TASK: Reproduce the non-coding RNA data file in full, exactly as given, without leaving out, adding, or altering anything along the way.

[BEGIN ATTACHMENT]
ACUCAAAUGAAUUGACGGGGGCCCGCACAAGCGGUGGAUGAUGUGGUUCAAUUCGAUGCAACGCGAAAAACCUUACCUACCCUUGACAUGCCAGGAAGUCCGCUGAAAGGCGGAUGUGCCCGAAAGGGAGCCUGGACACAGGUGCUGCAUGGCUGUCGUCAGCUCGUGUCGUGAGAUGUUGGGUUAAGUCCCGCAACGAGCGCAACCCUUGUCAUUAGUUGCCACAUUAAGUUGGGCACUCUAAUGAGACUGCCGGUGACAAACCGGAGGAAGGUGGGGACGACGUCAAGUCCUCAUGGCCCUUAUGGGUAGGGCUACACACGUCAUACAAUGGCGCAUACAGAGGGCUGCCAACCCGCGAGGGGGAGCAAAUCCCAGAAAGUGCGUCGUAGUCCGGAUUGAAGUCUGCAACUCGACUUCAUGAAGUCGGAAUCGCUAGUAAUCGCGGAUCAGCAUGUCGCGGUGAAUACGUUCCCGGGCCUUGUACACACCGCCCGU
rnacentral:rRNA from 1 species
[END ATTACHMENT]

ACUCAAAUGAAUUGACGGGGGCCCGCACAAGCGGUGGAUGAUGUGGUUCAAUUCGAUGCAACGCGAAAAACCUUACCUACCCUUGACAUGCCAGGAAGUCCGCUGAAAGGCGGAUGUGCCCGAAAGGGAGCCUGGACACAGGUGCUGCAUGGCUGUCGUCAGCUCGUGUCGUGAGAUGUUGGGUUAAGUCCCGCAACGAGCGCAACCCUUGUCAUUAGUUGCCACAUUAAGUUGGGCACUCUAAUGAGACUGCCGGUGACAAACCGGAGGAAGGUGGGGACGACGUCAAGUCCUCAUGGCCCUUAUGGGUAGGGCUACACACGUCAUACAAUGGCGCAUACAGAGGGCUGCCAACCCGCGAGGGGGAGCAAAUCCCAGAAAGUGCGUCGUAGUCCGGAUUGAAGUCUGCAACUCGACUUCAUGAAGUCGGAAUCGCUAGUAAUCGCGGAUCAGCAUGUCGCGGUGAAUACGUUCCCGGGCCUUGUACACACCGCCCGU
rnacentral:rRNA from 1 species